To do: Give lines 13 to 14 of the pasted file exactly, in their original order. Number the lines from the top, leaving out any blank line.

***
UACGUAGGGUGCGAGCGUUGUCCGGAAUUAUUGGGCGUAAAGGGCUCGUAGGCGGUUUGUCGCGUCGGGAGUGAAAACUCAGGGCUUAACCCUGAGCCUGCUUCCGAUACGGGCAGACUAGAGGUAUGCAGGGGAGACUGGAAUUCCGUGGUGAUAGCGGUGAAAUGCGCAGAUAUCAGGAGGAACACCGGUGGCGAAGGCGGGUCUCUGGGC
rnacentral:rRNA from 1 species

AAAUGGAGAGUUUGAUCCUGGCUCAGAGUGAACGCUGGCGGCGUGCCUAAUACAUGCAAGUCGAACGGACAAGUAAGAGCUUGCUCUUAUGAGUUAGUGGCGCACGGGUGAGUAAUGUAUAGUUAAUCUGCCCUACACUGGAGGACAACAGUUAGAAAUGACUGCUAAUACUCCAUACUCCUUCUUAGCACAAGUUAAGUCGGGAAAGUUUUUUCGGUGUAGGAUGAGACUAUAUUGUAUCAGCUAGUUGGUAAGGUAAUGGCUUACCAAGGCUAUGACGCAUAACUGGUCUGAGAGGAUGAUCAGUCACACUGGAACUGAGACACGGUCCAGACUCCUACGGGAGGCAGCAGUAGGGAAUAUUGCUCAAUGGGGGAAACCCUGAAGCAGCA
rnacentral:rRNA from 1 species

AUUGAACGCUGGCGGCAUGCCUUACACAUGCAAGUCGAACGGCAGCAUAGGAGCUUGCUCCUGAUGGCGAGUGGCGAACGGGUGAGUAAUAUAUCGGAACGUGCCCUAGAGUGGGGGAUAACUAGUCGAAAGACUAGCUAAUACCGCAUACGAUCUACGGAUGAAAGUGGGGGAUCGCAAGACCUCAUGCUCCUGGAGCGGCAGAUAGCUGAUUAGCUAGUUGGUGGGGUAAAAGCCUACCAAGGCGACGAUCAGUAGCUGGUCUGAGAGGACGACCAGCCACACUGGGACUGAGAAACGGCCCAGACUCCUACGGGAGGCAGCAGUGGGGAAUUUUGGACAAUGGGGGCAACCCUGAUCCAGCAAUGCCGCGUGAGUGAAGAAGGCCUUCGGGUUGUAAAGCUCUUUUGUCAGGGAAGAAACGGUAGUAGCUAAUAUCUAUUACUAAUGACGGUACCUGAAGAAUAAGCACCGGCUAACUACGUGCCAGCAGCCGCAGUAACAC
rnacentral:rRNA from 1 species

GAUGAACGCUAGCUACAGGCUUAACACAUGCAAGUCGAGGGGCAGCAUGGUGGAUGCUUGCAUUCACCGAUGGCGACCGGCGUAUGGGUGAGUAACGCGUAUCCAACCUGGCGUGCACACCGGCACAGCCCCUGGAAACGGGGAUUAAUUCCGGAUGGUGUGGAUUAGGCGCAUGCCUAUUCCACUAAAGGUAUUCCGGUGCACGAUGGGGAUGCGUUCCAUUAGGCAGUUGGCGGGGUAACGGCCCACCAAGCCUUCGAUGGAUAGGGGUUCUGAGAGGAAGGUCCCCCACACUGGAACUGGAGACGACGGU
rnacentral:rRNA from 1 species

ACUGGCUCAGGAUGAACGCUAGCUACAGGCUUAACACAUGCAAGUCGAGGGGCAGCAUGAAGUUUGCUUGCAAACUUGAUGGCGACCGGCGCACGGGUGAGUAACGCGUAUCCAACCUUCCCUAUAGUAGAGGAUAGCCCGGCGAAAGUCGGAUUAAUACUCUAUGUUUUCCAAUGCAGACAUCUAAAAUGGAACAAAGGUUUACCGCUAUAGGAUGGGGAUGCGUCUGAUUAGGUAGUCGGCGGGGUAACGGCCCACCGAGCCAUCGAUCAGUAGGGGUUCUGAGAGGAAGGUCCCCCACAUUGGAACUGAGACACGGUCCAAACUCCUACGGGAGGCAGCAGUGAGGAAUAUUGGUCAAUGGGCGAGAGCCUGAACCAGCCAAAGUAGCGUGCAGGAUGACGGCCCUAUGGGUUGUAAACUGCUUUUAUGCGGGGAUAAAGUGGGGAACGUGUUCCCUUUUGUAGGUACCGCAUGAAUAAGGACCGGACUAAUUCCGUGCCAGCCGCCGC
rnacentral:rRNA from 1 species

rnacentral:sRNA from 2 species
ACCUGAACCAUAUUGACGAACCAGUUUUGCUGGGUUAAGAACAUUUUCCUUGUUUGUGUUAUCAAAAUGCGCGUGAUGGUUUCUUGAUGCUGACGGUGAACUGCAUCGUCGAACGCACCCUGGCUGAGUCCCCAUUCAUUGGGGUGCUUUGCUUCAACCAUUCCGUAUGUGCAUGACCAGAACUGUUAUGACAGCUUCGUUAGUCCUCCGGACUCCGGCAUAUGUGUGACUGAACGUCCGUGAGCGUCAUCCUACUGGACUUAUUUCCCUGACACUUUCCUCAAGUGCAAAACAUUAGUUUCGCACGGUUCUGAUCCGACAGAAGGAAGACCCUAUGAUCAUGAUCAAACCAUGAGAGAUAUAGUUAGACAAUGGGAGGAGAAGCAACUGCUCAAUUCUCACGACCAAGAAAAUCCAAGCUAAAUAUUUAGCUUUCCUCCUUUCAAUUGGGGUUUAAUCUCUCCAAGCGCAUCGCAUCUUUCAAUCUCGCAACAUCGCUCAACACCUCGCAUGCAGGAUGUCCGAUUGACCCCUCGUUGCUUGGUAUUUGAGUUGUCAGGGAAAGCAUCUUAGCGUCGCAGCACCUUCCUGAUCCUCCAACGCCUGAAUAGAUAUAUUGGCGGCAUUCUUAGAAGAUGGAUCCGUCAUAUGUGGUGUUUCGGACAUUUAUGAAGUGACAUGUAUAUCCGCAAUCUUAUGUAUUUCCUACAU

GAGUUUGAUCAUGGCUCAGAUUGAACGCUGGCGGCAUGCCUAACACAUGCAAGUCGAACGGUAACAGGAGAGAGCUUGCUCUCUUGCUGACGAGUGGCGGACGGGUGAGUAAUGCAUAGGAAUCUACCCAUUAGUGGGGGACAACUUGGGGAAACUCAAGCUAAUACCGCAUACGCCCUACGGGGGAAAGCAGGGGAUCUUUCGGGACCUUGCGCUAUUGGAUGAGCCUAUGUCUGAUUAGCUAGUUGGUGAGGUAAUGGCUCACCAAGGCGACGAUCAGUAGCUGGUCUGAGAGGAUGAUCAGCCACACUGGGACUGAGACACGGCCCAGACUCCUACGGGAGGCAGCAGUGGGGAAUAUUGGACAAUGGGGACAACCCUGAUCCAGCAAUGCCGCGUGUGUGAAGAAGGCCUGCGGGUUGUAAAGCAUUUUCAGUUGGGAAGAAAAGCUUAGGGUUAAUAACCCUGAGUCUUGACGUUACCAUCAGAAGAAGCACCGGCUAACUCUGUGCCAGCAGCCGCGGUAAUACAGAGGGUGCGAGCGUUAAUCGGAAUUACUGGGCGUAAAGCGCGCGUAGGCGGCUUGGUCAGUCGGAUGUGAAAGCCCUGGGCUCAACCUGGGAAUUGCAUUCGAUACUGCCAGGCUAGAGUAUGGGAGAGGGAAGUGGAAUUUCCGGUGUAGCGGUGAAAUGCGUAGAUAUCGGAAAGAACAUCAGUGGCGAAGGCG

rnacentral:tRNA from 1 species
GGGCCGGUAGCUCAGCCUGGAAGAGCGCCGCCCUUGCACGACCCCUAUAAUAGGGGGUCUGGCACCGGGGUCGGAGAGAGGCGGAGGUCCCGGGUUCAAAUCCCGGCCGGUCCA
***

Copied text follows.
GAGUUUGAUCAUGGCUCAGAUUGAACGCUGGCGGCAUGCCUAACACAUGCAAGUCGAACGGUAACAGGAGAGAGCUUGCUCUCUUGCUGACGAGUGGCGGACGGGUGAGUAAUGCAUAGGAAUCUACCCAUUAGUGGGGGACAACUUGGGGAAACUCAAGCUAAUACCGCAUACGCCCUACGGGGGAAAGCAGGGGAUCUUUCGGGACCUUGCGCUAUUGGAUGAGCCUAUGUCUGAUUAGCUAGUUGGUGAGGUAAUGGCUCACCAAGGCGACGAUCAGUAGCUGGUCUGAGAGGAUGAUCAGCCACACUGGGACUGAGACACGGCCCAGACUCCUACGGGAGGCAGCAGUGGGGAAUAUUGGACAAUGGGGACAACCCUGAUCCAGCAAUGCCGCGUGUGUGAAGAAGGCCUGCGGGUUGUAAAGCAUUUUCAGUUGGGAAGAAAAGCUUAGGGUUAAUAACCCUGAGUCUUGACGUUACCAUCAGAAGAAGCACCGGCUAACUCUGUGCCAGCAGCCGCGGUAAUACAGAGGGUGCGAGCGUUAAUCGGAAUUACUGGGCGUAAAGCGCGCGUAGGCGGCUUGGUCAGUCGGAUGUGAAAGCCCUGGGCUCAACCUGGGAAUUGCAUUCGAUACUGCCAGGCUAGAGUAUGGGAGAGGGAAGUGGAAUUUCCGGUGUAGCGGUGAAAUGCGUAGAUAUCGGAAAGAACAUCAGUGGCGAAGGCG

rnacentral:tRNA from 1 species